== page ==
School can serve as anchor for
by Melissa Harris,
Orlando Sentinel, November 4, 2002
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Just about everything has changed for Deonte and Marquan Moore
since their mother moved them and their two sisters to Orlando
from South Carolina last year.
They came to town homeless, eventually found a home in their
grandparents' one-bedroom apartment on Holden Avenue and
quickly wound up back in a shelter when the family was
Just a year and a half in Central Florida, 8-year-old Deonte
and Marquan, 9, have been uprooted three times, switched
schools three times and acquired a new baby sister along the
way. Their only constant has been catching the school bus in
the mornings and riding back each afternoon.
The boys -- shy, quiet and prone to big grins -- are two faces
of a burgeoning problem.
Across Central Florida, schools are seeing a dramatic increase
in the number of homeless children they serve.
Orange County estimates that 900 homeless children are in
school this year -- living in shelters or motels, bunk-hopping
from friends to relatives, sometimes sleeping in vehicles.
That number, school officials say, has jumped 44 percent from
an average of 624 homeless children the system handled in the
2001-02 school year.
Orange County also estimates that there are 3,240 homeless
children living in the county, ranging from babies and
toddlers too young for classes to teenagers who dropped out of
"It's raining homeless people here," says Cindy Shaw, the
homeless coordinator at Robert E. Lee Middle School, who was
up until 1 a.m. Thursday trying to get a family placed in a
shelter. "In less than two days, I've had seven homeless
students come to my attention whom I didn't know about."
Getting a head count of homeless schoolchildren beyond Orange
County is difficult because other counties in Central Florida
are less systematic about tracking them or don't track them at
all. But officials at most school districts say they know the
numbers are growing rapidly.
Experts say the instability of being homeless leads to
depression, anxiety and stress, plus school transfers,
absences and low grades. And, they say, children fall up to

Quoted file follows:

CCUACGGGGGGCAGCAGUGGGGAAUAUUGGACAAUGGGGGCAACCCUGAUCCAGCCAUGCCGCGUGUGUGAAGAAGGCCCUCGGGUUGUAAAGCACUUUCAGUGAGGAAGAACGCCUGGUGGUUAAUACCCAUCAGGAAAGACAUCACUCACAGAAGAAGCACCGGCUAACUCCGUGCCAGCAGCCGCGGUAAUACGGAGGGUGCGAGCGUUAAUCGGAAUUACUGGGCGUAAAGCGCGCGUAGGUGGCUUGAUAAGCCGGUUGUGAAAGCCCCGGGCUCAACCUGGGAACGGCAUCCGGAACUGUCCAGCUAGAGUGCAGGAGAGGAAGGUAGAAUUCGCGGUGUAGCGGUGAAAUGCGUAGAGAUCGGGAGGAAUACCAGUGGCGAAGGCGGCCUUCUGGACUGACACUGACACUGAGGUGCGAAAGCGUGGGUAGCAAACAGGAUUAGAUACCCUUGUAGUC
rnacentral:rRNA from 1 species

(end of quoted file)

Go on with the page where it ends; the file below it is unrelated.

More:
six months behind when they have to adjust to a new teacher,
new classmates and a new curriculum.
Almost half of all homeless children do not attend school on a
regular basis, missing 15 or more days in a three-month
period, according to the U.S. Department of Education. And
many students have difficulty enrolling because they lack
immunization records, an address or birth certificates.
When the Moore boys first moved to Orlando in the spring of
2001, they started classes at Fern Creek Elementary. When they
moved in with grandparents Ralph and Dorothy Bryant, they
moved to Pine Castle Elementary. Now, living at a shelter
operated by Orlando's Coalition for the Homeless, they are
back at Fern Creek.
Marquan, who takes special-education courses and tests at the
level of a 31/2-year-old, blossomed while at Pine Castle,
where he was under the supervision of a teacher and four
assistants, Ralph Bryant said.
"I wish all this switching wasn't necessary," he said. "I
would have loved to have kept Marquan" in the same school.
He's also concerned about the effect on Deonte. Once an
honor-roll student, Deonte now has trouble paying attention in
And where the Moore boys used to tell their friends about the
two pools at their grandparents' apartment complex, they now
keep quiet about where they live. They spend their
after-school hours in a program with about 40 other homeless
The number of children housed by the Coalition for the
Homeless, the region's largest shelter agency, has more than
doubled in one year from 68 last summer to 171 now -- a record
for the organization.
"When I first came to the coalition two years ago, seeing the
number of kids on campus horrified me," says Robert H. Brown,
the agency's president. "Now the line for dinner looks like a
long line of moms waiting to take their children to an
These families -- often headed by single mothers who are
destitute and have nowhere to turn -- are driving a growing
homeless population once dominated by lone men.
Families with children are the fastest-growing segment of the
nation's homeless population, according to the National
Coalition for the Homeless. At least 1.35 million children
live without permanent housing during a year's time,
representing 39 percent of the homeless population as a whole,
the national group says.
Marilyn Gordon, executive director of the Homeless Services
Network of Central Florida, says there are still school
districts that are reluctant to address these children's
"Many say, 'They don't live in a home, therefore they don't